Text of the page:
Australia shares up 0.4 pct as RBA maintains easing bias; miners weaker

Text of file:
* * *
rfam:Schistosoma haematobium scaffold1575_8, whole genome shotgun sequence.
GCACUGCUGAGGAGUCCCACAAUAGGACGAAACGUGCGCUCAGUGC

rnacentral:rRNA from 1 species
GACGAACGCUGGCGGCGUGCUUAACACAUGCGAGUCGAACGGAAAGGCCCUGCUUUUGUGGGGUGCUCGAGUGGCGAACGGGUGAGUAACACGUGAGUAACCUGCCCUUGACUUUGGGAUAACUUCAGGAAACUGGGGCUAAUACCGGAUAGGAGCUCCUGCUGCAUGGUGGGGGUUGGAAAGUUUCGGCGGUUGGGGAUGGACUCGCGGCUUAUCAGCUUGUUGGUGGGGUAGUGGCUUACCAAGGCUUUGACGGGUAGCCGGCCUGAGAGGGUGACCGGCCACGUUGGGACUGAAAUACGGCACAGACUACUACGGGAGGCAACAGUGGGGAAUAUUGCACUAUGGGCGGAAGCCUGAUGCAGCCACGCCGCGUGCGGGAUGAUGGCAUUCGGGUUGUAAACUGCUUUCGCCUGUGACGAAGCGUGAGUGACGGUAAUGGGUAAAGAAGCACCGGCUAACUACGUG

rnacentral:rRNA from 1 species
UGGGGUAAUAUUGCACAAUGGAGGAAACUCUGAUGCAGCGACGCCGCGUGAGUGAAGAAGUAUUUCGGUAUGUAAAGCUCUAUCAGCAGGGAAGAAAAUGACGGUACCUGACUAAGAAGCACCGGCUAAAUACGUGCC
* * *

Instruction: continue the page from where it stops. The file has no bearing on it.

(Adds details, comments) SYDNEY, April 2 (Reuters) - Australian shares ended 0.4 percent higher on Tuesday, driven by banks and defensive stocks as investors looked for bargains after recent dips, but miners remained pressured by worries about demand from China. The Reserve Bank of Australia (RBA) kept its main cash rate at a record low of 3.0 percent, but left open the possibility of further easing if the economy failed to respond to past cuts. The RBA statement triggered a very mild bid for equities, as some investors had earlier thought the central bank would remove its easing bias after a slew of better domestic data, said Chris Weston, chief market strategist at IG Markets. "However, the statement that accompanied the 'no change' verdict was a carbon copy of last month's, and gave little indication of a change of mindset from the RBA," Weston said. The S&P/ASX 200 index added 19.0 points to close at 4,985.5, according to the latest data. The benchmark dropped 0.6 percent in the last trading day ahead of the Easter holidays. "It's a very defensive-looking day. People are still happy to build up equities today, but it's selective," Weston said. "It's in the defensive nature sectors as well." Australia's big four banks all ended higher, led by the largest lender Commonwealth Bank of Australia, which gained 1.4 percent. Global miners BHP Billiton Ltd and Rio Tinto Ltd fell 0.1 percent and 1.2 percent respectively, after iron ore prices sank more than 2 percent on Monday. Shares in rare earth producer Lynas Corp dived 9.8 percent to its lowest since June 2010. Analysts said the fall may be related to China's latest warning of weak demand for rare earths. Energy stocks had a strong run on firmer oil prices. Australia's biggest oil producer Woodside Petroleum Ltd pushed up 0.5 percent, and smaller peer Origin Energy Ltd gained 1.3 percent. Toro Energy Ltd surged 13.0 percent after the Australian government approved its plans to develop the Wiluna uranium mine in the Western Australia state. Consumer staples advanced, with supermarket chain Woolworth Ltd gaining 1.7 percent and rival Coles-owner Wesfarmers Ltd adding 1.3 percent. The property sector climbed higher, led by a 3.3 percent rise in Australia's second-largest property group Stockland Corp Ltd. Figures from property consultant RP Data-Rismark showed home prices climbed 1.3 percent in March from February, suggesting lower mortgage rates were breathing some life into the long moribund housing market. Australia's flagship airline Qantas Airways Ltd gained 2.5 percent, after it said Competition Commission of Singapore has approved its partnership with Emirates Airline. New Zealand's benchmark NZX 50 index dropped 0.3 percent to 4,411.4. (Reporting By Maggie Lu Yueyang; Editing by Sanjeev Miglani)
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